Your panel manufacturer should give you a performance warranty on the output of the solar panels. Typically performance warranties are for 90% of the nominal power output in the first 10 years and 80% for 25 years. This means that the panels will give at least 90% of the rated power output for the first 10 years and at least 80% for 25 years. You should also get warranties on the workmanship.

How to choose the right brand for Grid-Connected Inverter?

Just like panels, there are multiple brands of Inverters (from various areas) available in India. However, in the case of inverters, your subsidy does not depend on the make of the inverter; you can buy any inverter which meets MNRE specifications and get a subsidy.

Top international brands of solar inverter (available in India) are:

  • SMA Solar
  • ABB
  • Schneider
  • Fronius
  • Huawei

Indian manufacturers of Inverters are also into manufacturing Solar Inverters, so you can also get:

  • Luminous
  • Microtek

While selecting an inverter, please make sure that the efficiency of the inverter (to convert DC to AC) is high. International brands have energy efficiency as high as 98%. Which means, loss of only 2% and almost all the DC energy that your PV panel generates gets converted to useful AC energy.

Inverters these days also have in-built software solutions to manage and monitor electricity generation from the solar panels. So, make sure that you get one that has this capability. If you go for a subsidy, then most of the basic requirements (including the software) are covered in the requirements by MNRE.

Depending on the type of your connection, you also have to make sure that it is a single-phase inverter or three-phase inverter.

A good heat sink with better heat dissipation along with the use of electrolytic capacitors can make a good inverter, almost a fit-and-forget kind of system which you should look for requiring no maintenance for years.

How to choose the right brand for Off-Grid Inverter?

If you are planning for an off-grid inverter, then you will mostly get Indian brands. The most popular ones are:

  • Luminous
  • Microtek

You will have a choice of going for solar only inverter or a solar hybrid inverter. A solar hybrid inverter can charge batteries using the power from the grid when solar panels are not able to produce enough electricity.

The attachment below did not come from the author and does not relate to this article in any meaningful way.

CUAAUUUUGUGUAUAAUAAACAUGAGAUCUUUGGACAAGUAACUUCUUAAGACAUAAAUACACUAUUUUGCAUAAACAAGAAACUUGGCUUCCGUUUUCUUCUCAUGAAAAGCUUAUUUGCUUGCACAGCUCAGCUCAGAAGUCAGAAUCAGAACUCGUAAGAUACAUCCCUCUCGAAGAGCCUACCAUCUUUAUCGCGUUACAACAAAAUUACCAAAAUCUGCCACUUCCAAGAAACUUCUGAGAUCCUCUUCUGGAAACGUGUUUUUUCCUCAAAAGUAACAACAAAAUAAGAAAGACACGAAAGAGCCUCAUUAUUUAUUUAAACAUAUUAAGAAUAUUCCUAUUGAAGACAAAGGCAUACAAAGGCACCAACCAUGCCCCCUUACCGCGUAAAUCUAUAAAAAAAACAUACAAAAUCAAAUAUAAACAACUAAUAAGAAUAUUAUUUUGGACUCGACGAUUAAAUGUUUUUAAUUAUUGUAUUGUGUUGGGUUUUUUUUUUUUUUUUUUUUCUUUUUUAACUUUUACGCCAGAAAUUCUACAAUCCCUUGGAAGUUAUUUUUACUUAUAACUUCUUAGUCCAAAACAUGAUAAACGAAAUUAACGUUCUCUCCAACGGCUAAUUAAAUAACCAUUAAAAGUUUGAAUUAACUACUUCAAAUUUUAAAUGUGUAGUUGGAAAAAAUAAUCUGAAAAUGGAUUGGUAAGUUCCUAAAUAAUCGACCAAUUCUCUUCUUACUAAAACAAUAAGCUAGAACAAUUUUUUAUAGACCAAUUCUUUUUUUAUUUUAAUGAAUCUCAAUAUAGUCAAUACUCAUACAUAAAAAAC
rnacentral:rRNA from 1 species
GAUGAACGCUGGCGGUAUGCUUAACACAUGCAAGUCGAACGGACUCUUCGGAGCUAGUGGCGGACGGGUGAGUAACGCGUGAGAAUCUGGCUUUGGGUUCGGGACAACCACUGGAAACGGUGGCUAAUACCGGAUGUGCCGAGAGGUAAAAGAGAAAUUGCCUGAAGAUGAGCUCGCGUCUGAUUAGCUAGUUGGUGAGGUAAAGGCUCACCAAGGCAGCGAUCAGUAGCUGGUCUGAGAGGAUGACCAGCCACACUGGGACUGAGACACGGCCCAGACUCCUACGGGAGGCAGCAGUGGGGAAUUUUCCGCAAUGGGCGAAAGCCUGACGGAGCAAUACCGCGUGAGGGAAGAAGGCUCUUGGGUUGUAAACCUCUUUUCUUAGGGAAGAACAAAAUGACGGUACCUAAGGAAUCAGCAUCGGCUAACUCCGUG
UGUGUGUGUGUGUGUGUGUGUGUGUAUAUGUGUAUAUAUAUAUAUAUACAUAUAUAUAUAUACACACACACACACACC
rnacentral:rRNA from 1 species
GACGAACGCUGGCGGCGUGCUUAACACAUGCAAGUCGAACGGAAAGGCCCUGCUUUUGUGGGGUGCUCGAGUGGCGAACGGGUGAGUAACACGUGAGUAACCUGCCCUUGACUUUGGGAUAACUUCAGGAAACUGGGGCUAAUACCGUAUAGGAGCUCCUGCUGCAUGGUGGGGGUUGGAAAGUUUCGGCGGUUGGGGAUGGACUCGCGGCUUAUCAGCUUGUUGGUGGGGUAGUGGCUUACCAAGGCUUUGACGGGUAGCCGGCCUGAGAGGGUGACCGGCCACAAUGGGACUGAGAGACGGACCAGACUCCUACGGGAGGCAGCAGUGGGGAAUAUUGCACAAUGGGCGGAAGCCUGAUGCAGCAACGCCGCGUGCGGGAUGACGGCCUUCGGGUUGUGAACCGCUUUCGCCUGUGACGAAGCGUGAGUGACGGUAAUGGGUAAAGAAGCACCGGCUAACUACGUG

How to choose other accessories?

Other accessories needed for a Solar Panel system are:

  • AJB (Array Junction Boxes) – for protection as there is no earthing.
  • AC and DC distribution boxes – for protection as there is no earthing.
  • DC Cables

While buying these, just make sure that you go for good brands like Havells, Finolex, Polycab or any top Indian brand that makes products as per BIS standards.

How to choose the right implementation partner?

After you have chosen the right set of products that you need, choose an implementation partner or system integrator that can provide you with the kind of things you need. As of date, there are 9000 channel partners listed by MNRE that can do system implementation for you. A list of the same is available on this MNRE link. MNRE has categorized the channel partners into tiers based on their financial capability. So, if you look at the list in the link mentioned above, you will find categories like 1A, 1B, 2A, 2B, 3A, 3B written against the names of channel partners. This category is based on the financial strength of the company. Although, it is difficult to comment as to who can get the work done properly, this categorization can help you narrow your choices down a bit. Make sure that you ask the right questions to the system integrator to understand what you are getting. Also, understand the warranties that you get with the system integrator.

How to get Subsidies on Solar PV Rooftop?

As per the MNRE notice, CFA (Central Finance Assistance) or subsidy is available for Solar Rooftop PV implementations. The CFA is 30% of the benchmark cost for general category states/UTs and 70% of the benchmark cost for North Eastern states including Sikkim, Jammu and Kashmir, Uttarakhand, Himachal Pradesh, Lakshadweep and Andaman and Nicobar Islands. The benchmark cost and CFA levels are revised by MNRE periodically.

The present benchmark costs as fixed by MNRE are – Rs 100/Wp for projects upto 100 kWp and Rs 90/Wp for projects between 100 kWp – 500 kWp. Please note, this scheme is currently available only upto 500 kWp projects.

The subsidy is available only to these categories:

  • Residential: All types of residential buildings.
  • Institutional: Schools, health institutions including medical colleges and hospitals, educational institutes (both public and private), R&D institutions, etc.
  • Government Buildings: Both Central and State Government Buildings.
  • Social Sector: Community Center, Welfare homes, old age homes, orphanages, etc.

How do you apply for Subsidy? The process of application for subsidy is quite straightforward. First thing you need to do is contact your State Nodal Agency.